Europe boosts cross-border cancer research
Networking and working jointly across borders are already intrinsic parts of cutting-edge research in Europe and abroad. Few scientists need encouragement to form alliances with colleagues in other countries. And, more and more scientists choose excellence over geography in seeking out partnerships. In Europe, a major step forward in cross-border cancer research has been taken with the recent launch of EUROCANPLATFORM ('A European platform for translational cancer research'), an EU-funded project aiming to streamline all aspects of cancer research in Europe - from basic research to preclinical and clinical trials.
EUROCANPLATFORM has received EUR 12 million under the Health Theme of the EU's Seventh Framework Programme (FP7). This Network of Excellence brings together 28 of Europe's most research-intensive institutions in the field of cancer.
Cancer research in European institutions has the potential to make a difference as it has a number of unique strengths, namely a strong foundation in biomedical science and infrastructures that span from patient registries to bioinformatics. But it has often been criticised for being fragmented with insufficient collaboration between research key players.
Professor Ulrik Ringborg at the Karolinska Institutet in Sweden, who is coordinating the project, comments: 'In a way, you could say that this initiative represents a paradigm shift in cancer research. The project will last for five years, establishing a collaborative structure within the EU for cancer research.'
Despite the spectacular progress in cancer research, the annual incidence of cancer continues to rise, mainly because of an ageing population. Nonetheless, part of this increase is unrelated to the age of the population. Cancer is a complex disease caused by interactions of multiple factors including ageing, lifestyle influences and genetic predisposition.
In the past years, we have witnessed a dramatic progress in understanding the molecular mechanisms at work in the transformation of a normal cell into a cancer cell. Yet, our knowledge is far from complete. There are still many unresolved questions regarding diagnosis and treatment. Furthermore, we lack the critical mass required to rapidly implement new discoveries in a clinical setting.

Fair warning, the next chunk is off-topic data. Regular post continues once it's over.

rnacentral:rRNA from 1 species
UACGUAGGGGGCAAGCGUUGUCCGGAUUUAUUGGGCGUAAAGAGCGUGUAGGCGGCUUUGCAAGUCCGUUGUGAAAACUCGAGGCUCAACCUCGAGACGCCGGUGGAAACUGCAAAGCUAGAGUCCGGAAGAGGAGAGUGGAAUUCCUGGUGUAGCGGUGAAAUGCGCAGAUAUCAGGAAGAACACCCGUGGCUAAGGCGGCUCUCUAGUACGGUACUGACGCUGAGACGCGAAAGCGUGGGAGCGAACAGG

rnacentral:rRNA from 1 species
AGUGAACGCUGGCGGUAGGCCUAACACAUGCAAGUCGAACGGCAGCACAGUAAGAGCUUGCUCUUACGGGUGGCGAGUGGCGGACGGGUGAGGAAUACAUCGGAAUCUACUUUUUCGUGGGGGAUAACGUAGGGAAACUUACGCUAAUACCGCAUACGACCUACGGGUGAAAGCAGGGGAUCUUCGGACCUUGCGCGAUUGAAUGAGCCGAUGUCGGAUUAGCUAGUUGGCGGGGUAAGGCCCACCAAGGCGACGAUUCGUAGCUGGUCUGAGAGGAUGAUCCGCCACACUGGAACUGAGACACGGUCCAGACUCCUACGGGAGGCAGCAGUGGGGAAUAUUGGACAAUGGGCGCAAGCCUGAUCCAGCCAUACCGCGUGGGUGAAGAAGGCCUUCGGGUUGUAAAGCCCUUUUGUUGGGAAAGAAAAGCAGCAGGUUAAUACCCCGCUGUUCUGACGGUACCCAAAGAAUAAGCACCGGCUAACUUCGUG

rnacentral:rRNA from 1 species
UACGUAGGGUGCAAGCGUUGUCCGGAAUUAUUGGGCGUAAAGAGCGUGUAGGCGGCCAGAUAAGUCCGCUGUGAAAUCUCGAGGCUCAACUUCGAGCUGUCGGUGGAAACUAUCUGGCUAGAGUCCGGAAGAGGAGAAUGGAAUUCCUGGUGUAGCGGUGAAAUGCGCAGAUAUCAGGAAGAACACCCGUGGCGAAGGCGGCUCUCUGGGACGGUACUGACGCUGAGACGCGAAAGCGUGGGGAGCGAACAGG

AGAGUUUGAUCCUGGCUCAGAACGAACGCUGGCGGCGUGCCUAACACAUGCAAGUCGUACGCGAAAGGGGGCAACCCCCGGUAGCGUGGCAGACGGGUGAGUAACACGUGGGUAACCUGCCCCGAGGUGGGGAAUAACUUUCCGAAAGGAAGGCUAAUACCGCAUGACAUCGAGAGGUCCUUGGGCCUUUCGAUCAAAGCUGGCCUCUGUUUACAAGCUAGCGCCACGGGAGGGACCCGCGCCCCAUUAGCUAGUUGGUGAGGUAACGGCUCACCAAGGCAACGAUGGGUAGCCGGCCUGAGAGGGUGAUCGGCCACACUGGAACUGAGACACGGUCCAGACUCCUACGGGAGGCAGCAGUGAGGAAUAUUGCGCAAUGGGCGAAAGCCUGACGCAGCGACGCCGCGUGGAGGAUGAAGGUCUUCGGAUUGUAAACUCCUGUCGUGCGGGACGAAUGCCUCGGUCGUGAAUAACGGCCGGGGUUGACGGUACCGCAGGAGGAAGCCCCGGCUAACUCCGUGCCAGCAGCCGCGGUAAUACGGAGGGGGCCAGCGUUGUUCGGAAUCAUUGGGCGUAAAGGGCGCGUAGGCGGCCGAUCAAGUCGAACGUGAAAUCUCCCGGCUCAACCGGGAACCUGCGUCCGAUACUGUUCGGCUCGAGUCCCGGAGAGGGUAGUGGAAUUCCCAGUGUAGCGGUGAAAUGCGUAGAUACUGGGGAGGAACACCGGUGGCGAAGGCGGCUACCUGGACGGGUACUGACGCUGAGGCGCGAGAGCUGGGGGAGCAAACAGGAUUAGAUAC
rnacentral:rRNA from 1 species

'An important part of the project involves getting the right therapy to the right patient at the right time,' says Professor Ringborg. Through advanced studies of DNA [deoxyribonucleic acid] alterations and expressions of RNAs (ribonucleic acid) and proteins on tumour and healthy tissues, the EUROCANPLATFORM project is expected to open up new possibilities for validating the tumour response to treatments.
Professor Ringborg concludes: 'But before we can get there, we need to do a great deal of research since the range of possible tumours and therapies is vast. No one research centre can have the resources needed. We must make sure that we coordinate and exploit the resources we have to the full. The ultimate winners will be the patients, the public and the healthcare services.'
The EUROCANPLATFORM consist of experts from Belgium, Denmark, France, Germany, Hungary, Italy, the Netherlands, Norway, Spain, Switzerland and the UK.
For more information, please visit:
EUROCANPLATFORM project factsheet on CORDIS, click:
Data Source Provider: Karolinska Institutet
Document Reference: Based on information from the Karolinska Institutet
Subject Index: Scientific Research; Medical biotechnology; Business aspects; Coordination, Cooperation; Healthcare delivery/services; Medicine, Health; Biotechnology